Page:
by Perry T. Hamalis
How would you describe Orthodox Christianity in one word?”
This question was posed to a panel of scholars at a Theology conference several years ago. A few of the panelists gave their answers—offering responses like “Liturgy,” “Authentic,” “Theosis,” and “Traditional.” Then the final panelist, Metropolitan Kallistos Ware, gave his reply: “Freedom,” he said, “Orthodoxy is freedom.”
“Freedom” certainly wasn’t the answer that most of us were expecting. Oftentimes, Orthodox Christianity seems like the opposite of freedom…it seems firm, rigid, full of canons and long services. It seems conservative, not liberal, unchanging, not free-flowing. Especially during Lent, many Orthodox feel burdened by the restricted diet, the heavy schedule of services, and the increase in philanthropic activities.
Yet, I’ve become more and more convinced that “freedom” is the best one-word description of Orthodoxy, and that, properly understood, Lent is Liberation. Continue reading
by Perry T. Hamalis | ελληνικά | ру́сский
For decades, the citizens of the Republic of Korea (South Korea) have suffered the pain and gnawing awareness of division. They have been separated from their families and their homeland by the political reality of the Democratic People’s Republic of Korea (North Korea) and the physical reality of the Demilitarized Zone (DMZ), which bisects the peninsula near the 38th parallel and is packed with soldiers on both sides. Former President Bill Clinton once described the DMZ as, “the scariest place on earth.”
While the “Miracle on the Han River” typically refers to South Korea’s rapid economic growth from the ruins of war in 1953 to successfully hosting the 1988 Olympics and becoming a G20 member in 2010—despite the peninsula’s ongoing division—the “miracle” has, appropriately, been manifested within Korea’s Orthodox community as well. After the North’s army abducted Korea’s only Orthodox priest at the time, Fr. Alexi Kim, at the start of the Korean War in 1950, and after the St. Nicholas Church building was destroyed by the 1951 bombing of Seoul, the small flock of Orthodox faithful was at risk of annihilation. However, by the grace of God and through the help of Greek chaplains and soldiers serving in the Korean War, St. Nicholas was rebuilt, a new Korean priest (Fr. Boris Moon) was selected by the faithful and ordained (being transported secretly to the nearest bishop—in Japan—and back!), and the flame of Orthodox Christianity endured. In 1955, 55 years after the first Orthodox arrived in Korea from Russia (1900), 38 years after all spiritual support from the Russian Orthodox Church had ceased with the Bolshevik Revolution (1917) and subsequent Soviet regime, and 2 years after the Korea War’s ceasefire, the ecclesiastically orphaned but resilient Orthodox faithful of Korea wrote a letter to the Holy Synod of the Ecumenical Patriarchate asking to come under the Ecumenical Patriarchate’s spiritual care and jurisdiction. Their request was granted, and the development and growth of the Church in Korea began to accelerate.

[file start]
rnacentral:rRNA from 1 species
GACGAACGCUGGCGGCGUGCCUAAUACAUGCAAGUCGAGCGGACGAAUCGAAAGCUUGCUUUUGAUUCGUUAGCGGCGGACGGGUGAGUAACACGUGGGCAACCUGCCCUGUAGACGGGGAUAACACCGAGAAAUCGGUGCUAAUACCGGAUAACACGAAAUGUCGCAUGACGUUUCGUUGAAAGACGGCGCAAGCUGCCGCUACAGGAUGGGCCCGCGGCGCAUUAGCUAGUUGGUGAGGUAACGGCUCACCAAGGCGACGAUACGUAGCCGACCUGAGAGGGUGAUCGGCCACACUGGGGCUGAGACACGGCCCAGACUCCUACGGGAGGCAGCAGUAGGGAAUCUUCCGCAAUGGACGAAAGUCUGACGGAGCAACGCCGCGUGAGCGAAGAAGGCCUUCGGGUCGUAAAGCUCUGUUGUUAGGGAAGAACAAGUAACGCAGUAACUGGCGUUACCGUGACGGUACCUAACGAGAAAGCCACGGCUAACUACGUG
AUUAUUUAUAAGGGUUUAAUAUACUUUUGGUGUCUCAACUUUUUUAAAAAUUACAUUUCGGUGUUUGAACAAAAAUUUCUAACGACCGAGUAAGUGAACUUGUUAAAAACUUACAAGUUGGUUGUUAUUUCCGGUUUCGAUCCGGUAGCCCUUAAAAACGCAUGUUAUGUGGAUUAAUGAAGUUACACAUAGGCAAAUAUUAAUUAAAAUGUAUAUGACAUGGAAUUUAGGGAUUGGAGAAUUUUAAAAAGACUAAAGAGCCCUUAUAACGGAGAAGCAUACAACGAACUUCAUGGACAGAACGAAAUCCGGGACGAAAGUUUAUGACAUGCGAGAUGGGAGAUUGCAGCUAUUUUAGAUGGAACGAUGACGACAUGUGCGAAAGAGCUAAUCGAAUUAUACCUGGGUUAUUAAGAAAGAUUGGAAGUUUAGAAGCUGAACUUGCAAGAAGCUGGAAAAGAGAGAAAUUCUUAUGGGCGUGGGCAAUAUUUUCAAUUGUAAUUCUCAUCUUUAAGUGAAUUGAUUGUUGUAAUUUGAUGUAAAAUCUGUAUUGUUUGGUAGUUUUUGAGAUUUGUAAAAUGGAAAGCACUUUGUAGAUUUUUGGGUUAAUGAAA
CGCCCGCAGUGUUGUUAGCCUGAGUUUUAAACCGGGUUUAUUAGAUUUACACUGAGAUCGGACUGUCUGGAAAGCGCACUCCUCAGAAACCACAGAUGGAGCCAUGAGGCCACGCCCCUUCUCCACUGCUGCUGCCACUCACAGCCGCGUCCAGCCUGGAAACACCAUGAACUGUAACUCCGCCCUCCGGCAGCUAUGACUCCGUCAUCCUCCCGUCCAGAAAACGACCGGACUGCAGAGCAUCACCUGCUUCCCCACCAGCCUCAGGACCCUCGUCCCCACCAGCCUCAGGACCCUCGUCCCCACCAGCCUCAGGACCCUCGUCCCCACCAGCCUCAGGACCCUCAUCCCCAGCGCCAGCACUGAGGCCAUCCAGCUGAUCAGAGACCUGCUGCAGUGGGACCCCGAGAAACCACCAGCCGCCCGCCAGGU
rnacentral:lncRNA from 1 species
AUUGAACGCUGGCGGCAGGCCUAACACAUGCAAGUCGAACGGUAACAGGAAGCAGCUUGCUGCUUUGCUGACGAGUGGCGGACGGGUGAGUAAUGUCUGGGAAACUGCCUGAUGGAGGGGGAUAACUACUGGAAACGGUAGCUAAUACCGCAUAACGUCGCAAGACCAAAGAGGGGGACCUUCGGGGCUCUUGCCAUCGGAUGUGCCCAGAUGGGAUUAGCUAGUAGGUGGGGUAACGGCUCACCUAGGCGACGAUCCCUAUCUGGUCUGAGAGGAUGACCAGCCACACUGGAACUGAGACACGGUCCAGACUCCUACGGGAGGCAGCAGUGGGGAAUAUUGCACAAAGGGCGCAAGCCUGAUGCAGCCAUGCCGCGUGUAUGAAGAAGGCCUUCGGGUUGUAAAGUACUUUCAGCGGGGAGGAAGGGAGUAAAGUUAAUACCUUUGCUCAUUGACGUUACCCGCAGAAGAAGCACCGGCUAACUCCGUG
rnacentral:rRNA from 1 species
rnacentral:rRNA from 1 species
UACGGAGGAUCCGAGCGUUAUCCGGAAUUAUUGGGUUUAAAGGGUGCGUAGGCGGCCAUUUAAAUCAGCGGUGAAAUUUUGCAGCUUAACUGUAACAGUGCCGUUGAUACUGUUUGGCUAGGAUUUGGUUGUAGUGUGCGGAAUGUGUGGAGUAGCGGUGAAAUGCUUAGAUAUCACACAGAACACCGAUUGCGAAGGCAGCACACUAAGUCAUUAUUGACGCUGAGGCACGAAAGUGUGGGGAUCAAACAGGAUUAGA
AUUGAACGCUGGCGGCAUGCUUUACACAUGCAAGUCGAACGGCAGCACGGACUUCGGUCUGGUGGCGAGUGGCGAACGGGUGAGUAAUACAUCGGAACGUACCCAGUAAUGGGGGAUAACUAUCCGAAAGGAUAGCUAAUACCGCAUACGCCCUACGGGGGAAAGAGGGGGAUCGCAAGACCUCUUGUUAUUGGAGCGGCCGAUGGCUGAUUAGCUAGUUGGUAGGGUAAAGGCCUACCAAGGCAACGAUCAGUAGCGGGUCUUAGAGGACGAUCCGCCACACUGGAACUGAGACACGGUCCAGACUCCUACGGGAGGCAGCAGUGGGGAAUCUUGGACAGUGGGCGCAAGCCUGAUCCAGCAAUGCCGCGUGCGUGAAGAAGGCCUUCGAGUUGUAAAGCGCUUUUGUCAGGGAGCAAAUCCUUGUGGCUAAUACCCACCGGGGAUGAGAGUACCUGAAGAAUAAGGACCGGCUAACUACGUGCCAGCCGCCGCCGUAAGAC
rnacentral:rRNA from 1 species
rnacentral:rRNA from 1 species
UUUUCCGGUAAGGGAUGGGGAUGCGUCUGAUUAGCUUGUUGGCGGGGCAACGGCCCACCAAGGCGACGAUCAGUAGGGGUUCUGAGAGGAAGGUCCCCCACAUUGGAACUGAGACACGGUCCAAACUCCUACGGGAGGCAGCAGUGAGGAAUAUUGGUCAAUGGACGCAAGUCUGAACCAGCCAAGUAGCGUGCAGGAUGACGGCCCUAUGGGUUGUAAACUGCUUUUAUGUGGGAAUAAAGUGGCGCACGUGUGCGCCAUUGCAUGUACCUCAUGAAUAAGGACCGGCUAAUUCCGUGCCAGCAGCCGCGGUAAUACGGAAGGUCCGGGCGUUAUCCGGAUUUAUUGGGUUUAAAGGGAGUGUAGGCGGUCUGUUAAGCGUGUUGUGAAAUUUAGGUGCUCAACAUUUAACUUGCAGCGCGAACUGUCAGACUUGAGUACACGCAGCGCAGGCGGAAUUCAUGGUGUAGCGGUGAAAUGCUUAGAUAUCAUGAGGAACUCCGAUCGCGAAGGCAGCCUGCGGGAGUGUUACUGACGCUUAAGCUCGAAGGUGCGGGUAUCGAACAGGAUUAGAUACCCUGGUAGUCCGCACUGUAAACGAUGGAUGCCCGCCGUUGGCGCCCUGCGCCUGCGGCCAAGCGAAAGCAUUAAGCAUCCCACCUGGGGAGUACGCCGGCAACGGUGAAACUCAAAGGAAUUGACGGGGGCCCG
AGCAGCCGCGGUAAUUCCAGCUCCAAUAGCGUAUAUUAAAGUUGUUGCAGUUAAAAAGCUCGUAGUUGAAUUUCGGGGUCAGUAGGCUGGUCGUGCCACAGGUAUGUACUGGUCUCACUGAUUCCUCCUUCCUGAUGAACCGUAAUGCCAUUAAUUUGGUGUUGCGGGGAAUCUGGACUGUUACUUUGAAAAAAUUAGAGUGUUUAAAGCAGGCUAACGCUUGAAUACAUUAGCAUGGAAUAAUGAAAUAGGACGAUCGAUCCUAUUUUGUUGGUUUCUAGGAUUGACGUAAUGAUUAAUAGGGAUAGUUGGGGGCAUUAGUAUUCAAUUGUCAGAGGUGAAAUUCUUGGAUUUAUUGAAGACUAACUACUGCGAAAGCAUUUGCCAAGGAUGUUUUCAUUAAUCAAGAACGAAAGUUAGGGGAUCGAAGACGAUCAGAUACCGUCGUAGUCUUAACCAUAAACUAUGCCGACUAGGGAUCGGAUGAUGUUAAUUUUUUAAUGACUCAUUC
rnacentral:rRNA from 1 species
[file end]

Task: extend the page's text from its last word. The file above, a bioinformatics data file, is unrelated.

by Rev. Dr. Patrick Viscuso, Perry T. Hamalis, David Heith-Stade, Rev. Dr. Chrysostom Nassis, Rev. Dr. Alexander Rentel, and Christos Tsironis
According to the theological vision of the Church, the bond of love is to be found at the core of marital life. Marriage is viewed within the framework of love, which is the core “quality” of the Church’s theological anthropology. Marriage is not only a rational choice, but also a “harvest” of holiness and the “fullness” of the life of faith.
One of the most complicated challenges for the Church is to express the evangelical premises of Christianity on marriage in a manner that serves contemporary societies and families. The Church is called to illustrate the meaning and scope of marriage in social, cultural, and legal contexts, while remaining true to the Scriptures and her theological, canonical, and pastoral tradition. Continue Reading…
by Davor Džalto, Effie Fokas, Brandon Gallaher, Perry Hamalis, Aristotle Papanikolaou, and Gregory Tucker | ру́сский
“The Mission of the Orthodox Church in Today’s World” offers a clear reaffirmation of the “dignity and majesty of the human person” (1.1) in Christian doctrine. Moreover, the exalted status of the human person is here grounded in its ultimate vocation to deification. While the human being is brought to perfection beyond this life in God, sanctification begins now, in this world, in relation to others. To this end, the Church recognizes that she must speak with her “prophetic and pastoral voice” and act in the contemporary world to foster that “peace, justice, freedom, fraternity, and love” which characterizes the Kingdom of God.
In order to do full justice to the profound witness to the Gospel offered by this document, further serious reflection and dialogue is required on some of its key ideas. For, while this text contains moments of deep insight into the condition of the contemporary world, it also shows the effects of a long period in which the Church has failed to practice her synodality and lost the art of addressing the most important issues of the day with reason and clarity. Continue Reading…